Once past the border, in front of us we could see mountains again and after we passed through the busy and rather untidy outskirts of the city of Herceg Novi the road reached the sea and started to follow the winding coast line of the picturesque Bay of Kotor and in front of us now was one of the country’s biggest tourist attractions.
After a short while we arrived at the town of Kamaria and identified our accommodation, the Casa del Mare, which was a brand new boutique hotel where we had one of the best rooms in the place with an expansive view over the Bay, the main road and… the recycling bins! After we had checked out the mini-bar prices and settled in we took some advice from the hotel owner on where to go and what to see we then set off to circumnavigate the Bay and drive to Kotor on the other side.
There was a ferry boat across the narrowest point of the Bay but we had decided to drive the forty kilometres or so and drop off now and again along the way. The first stop came quite quickly at a lay-by with a good view both east and west and looking across to the Italianate town of Perast, once an important independent Venetian ship building town but now a modern tourist trap. There was a jewellery stall in one corner of the lay-by and while Kim looked at sparkly things on chains I examined an information board about the Bay. In the middle were about twenty clear holes about the thickness of a pencil and on closer examination I realised that they were bullet holes. The hairs on the back of my neck stood on end because whoever had been using it for target practice was clearly a very good shot and it occurred to me that I could be in someone’s rifle sights even as I stood there.
I was beginning to become aware that Montenegro might be a bit different to anywhere else that I had been before and I wasn’t inclined to hang around the lay-by any longer than necessary so I encouraged Kim to hurry up and leave and we carried on around the Bay of Risan passing yet more radar speed traps on the way to Perast.
Here was a place with a parking problem with a single road not wide enough for two cars to pass and no parking spaces. At the far end of the town I found one but before I had switched off the engine a waiter from a restaurant came out, explained that it was only for customers and shooed us off. The odd thing was that he didn’t take the trouble to ask if we wanted to use the restaurant and we might have done because it was just about lunchtime but not now after that unfriendly welcome.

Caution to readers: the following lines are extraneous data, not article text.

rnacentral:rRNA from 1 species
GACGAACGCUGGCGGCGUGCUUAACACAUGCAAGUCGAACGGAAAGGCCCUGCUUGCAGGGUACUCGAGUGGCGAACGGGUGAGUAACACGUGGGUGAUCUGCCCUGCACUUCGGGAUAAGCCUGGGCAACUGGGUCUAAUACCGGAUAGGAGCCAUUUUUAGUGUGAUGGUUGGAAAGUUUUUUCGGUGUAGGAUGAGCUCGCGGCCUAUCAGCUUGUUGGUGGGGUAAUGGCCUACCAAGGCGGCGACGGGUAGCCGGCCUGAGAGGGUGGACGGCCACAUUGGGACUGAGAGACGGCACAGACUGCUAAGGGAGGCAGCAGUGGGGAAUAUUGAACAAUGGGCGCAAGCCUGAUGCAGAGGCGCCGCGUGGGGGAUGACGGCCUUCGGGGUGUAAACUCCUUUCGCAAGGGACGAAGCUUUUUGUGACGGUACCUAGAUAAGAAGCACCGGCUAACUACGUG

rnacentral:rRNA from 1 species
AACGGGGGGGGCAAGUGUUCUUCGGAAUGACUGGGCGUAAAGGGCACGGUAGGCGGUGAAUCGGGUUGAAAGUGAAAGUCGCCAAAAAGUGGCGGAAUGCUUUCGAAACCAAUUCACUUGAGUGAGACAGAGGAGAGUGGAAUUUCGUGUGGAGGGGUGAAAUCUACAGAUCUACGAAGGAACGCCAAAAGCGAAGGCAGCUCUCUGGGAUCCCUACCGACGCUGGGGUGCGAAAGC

So we drove back to the other end of the town and parked right on the edge and walked along the seafront and back to the centre. It was very quiet with very little activity and this was probably because now it was very hot indeed. We walked around the pretty centre with its church and a few shops, up and down some crooked steps that didn’t go anywhere in particular and then found a place for a beer and a spot of lunch right on the water’s edge.
After a debate about whether or not to take a boat across the Bay to two islands with churches on them we decided against the €5 charge and as the time was getting on and lots of tourist coaches were turning up and overwhelming the town with visitors returned to the car and continued our journey. This took us through a string of attractive villages all around the seashore and towards the eastern end of the Bay where the backdrop was a wall of limestone mountain soaring over a thousand metres high and squeezing the towns and villages in between the rockface and the sea.
My driving was continuing to irritate people and several times I was tooted and invited to pull over by motorists using hand signals that you won’t find in the Highway Code but I didn’t let this intimidate me and I continued sedately on, pulling over whenever I could to let agitated motorists pass me by.
Eventually we arrived in Kotor without incident and it was much bigger than I imagined it would be from the descriptions in the travel guides and there was a two thousand passenger cruise liner tied up at the dock which was so huge it dwarfed the town and looked sadly out of place. We needed a car park and found one around the side of the town where a grumpy attendant gave us a ticket and explained the tariff and then we set off into the old town to explore.